-(Georqe Saonln)(i
***


Speak up for
children...
The Guardian ad I.iteni
(GAI.) program is current l\
recruiting volunteers from the
ctiin IIil,. (Guardians ad
L.itemi are citizens who
volunteer to become parl (l da
court process to represent the
best interests of abused and
neglected children. The
volunteer guardian is a
representative of the child
before the court,. social
services agencies and the
community. The (AI. also
protects the child during the
family crisis and court
proceedings. He or she also
follows the child's progress
until the court,. is no longer
involved in the case.
'Iraining to become ac G(Al
volunteer fot Bradford. Baker.
Union, Alachua. Gilchrist or
Levy counties takes place in
Gainesville in February.
Classes are Mondays and
Wednesday from 1-5 p.m. on
Feb. 7, 9, 14, 16, 21 and 28.
Call 352-374-3656 for more
information or visit
www. circuit 8 .org/gal.
Deadline for application is
Monday. Jan. 31. at 5 p.m.
Abused and neglected
children need a voice in court.
so this is your opportunity to
speak up for a child.


Be SMART
about your
health...
The Self-Managing
Awareness Rural Team
(SMART) provides free
education to people in
Bradford or Union counties
who have diabetes or high
blood pressure.
The grant-funded program is
not aimed at low income
people, but at almost all
patients with diabetes or high
blood pressure. The free
program provides information
that will allow the patient to
better manage his or Hier own
health.
For more information, call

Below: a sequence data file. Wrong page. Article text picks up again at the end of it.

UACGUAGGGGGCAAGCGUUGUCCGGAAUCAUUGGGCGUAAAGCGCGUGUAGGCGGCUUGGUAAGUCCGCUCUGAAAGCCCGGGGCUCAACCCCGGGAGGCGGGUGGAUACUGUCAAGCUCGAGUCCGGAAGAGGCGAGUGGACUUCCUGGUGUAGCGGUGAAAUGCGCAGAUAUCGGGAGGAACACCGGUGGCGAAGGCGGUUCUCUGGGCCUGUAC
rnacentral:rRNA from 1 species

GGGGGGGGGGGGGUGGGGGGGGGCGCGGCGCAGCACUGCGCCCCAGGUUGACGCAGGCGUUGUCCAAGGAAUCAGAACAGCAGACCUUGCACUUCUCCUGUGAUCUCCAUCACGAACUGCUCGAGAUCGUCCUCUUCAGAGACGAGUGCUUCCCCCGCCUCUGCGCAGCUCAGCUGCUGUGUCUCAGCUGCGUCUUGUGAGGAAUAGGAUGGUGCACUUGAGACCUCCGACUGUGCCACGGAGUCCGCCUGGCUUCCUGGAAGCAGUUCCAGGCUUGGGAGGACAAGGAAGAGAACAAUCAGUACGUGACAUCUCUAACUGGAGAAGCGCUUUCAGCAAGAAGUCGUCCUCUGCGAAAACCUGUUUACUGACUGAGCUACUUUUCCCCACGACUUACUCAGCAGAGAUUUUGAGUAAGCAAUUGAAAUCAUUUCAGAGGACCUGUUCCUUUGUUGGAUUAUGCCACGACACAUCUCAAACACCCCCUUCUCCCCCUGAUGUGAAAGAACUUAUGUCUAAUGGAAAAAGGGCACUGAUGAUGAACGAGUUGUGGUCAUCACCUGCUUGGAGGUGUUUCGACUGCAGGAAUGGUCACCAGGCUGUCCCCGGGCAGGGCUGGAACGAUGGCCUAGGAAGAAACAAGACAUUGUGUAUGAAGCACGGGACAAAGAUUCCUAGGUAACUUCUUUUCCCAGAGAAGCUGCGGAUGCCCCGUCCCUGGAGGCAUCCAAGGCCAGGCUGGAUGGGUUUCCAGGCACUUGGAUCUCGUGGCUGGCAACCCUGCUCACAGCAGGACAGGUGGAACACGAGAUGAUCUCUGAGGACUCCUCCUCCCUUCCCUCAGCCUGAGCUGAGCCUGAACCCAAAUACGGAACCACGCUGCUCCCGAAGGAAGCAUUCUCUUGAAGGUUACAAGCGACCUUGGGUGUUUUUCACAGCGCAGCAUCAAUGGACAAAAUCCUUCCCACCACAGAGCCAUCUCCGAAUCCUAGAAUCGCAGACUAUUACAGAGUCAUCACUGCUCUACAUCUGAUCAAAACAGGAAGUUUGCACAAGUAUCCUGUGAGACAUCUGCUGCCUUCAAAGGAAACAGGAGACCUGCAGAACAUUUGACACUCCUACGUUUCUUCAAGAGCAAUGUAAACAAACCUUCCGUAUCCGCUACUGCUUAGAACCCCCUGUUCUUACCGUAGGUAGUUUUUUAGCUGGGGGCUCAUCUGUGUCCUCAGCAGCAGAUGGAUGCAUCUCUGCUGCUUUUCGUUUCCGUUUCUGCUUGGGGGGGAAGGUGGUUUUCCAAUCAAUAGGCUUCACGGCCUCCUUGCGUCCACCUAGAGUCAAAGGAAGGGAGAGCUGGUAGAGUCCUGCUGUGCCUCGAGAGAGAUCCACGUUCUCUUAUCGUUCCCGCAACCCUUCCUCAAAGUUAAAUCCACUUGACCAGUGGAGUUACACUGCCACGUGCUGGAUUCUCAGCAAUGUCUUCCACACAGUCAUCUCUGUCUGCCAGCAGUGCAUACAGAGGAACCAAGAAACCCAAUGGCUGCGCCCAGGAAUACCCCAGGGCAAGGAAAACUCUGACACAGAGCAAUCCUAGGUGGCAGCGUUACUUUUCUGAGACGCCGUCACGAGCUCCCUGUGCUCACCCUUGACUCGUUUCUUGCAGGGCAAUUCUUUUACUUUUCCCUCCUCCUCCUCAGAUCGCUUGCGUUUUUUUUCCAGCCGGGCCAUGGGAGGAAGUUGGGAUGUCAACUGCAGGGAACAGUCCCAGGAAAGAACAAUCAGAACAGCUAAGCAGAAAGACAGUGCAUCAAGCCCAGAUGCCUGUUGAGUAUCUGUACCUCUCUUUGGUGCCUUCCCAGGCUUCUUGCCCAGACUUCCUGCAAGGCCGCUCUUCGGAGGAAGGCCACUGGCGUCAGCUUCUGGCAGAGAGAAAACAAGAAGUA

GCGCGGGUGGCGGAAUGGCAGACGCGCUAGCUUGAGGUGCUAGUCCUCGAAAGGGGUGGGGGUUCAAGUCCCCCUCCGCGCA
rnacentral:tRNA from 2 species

386-496-0973 at Lake Butler
Hospital.


BC-UC people Little
needed for straw
counseling page
program Jan 1
Terry White, secretary of the J *
Florida Department of Elder The first
Affairs, invites volunteers to little miss
join the award-winning SHINE strawberry
(Serving Health Insurance set for Satur
Needs of Elders) Program that Bradford
helps elders make informed auditorium b
decisions about Medicare and Admission
health insurance. Children
Comprehensive training is admitted free
provided. This page
SHINE volunteers provide fundraiser fo
individual counseling and strawberry
assistance to elders and their strawberry
caregivers about. Medicare. which is set
Medicaid, -Medicare plan 26, at 7 p
choices and other health auditorium.
insurance issues. Services are Applicatio
free, unbiased and confidential, pageant ar
Volunteers also make Norma's Fle
educational presentations to in Starke ar
community groups and Bank on US-
participate in local health fairs, Deadline
senior fairs and outreach Wednesday,
events. SHINE volunteers Angelia Cri
make a difference in the lives 2283 for mor
of elders and their caregivers.
SHINE is part of a BD U C
nationwide network of state
health insurance programs meet J